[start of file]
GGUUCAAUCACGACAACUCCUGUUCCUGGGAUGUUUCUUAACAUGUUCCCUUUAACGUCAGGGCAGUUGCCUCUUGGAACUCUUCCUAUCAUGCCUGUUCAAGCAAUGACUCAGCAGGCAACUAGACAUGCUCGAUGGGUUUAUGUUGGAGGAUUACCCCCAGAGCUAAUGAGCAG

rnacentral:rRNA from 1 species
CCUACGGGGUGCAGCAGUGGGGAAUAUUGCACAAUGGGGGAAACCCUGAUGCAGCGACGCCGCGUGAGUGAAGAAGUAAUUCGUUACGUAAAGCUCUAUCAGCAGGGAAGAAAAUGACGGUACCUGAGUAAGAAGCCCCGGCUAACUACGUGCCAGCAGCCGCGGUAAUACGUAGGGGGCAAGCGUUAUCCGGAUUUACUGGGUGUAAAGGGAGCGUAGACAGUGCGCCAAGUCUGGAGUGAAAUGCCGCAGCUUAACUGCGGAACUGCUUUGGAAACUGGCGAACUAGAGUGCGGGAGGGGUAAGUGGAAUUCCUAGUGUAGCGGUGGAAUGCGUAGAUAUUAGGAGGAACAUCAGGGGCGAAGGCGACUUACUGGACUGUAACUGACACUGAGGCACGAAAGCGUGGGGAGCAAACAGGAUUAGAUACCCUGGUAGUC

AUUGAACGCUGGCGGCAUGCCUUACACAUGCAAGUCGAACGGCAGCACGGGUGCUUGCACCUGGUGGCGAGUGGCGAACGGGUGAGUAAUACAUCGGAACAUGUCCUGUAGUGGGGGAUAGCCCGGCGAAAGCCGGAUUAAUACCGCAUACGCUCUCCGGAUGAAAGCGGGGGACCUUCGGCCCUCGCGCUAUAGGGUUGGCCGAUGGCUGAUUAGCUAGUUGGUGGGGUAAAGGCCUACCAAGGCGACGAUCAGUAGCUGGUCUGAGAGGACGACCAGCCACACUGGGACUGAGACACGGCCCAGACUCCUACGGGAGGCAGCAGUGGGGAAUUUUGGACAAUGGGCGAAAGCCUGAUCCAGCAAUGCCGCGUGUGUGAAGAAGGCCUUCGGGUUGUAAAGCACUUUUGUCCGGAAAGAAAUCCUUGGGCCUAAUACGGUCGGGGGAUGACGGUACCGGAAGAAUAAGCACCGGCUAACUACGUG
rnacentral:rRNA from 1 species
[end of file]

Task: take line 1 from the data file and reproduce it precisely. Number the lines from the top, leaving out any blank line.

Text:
GGUUCAAUCACGACAACUCCUGUUCCUGGGAUGUUUCUUAACAUGUUCCCUUUAACGUCAGGGCAGUUGCCUCUUGGAACUCUUCCUAUCAUGCCUGUUCAAGCAAUGACUCAGCAGGCAACUAGACAUGCUCGAUGGGUUUAUGUUGGAGGAUUACCCCCAGAGCUAAUGAGCAG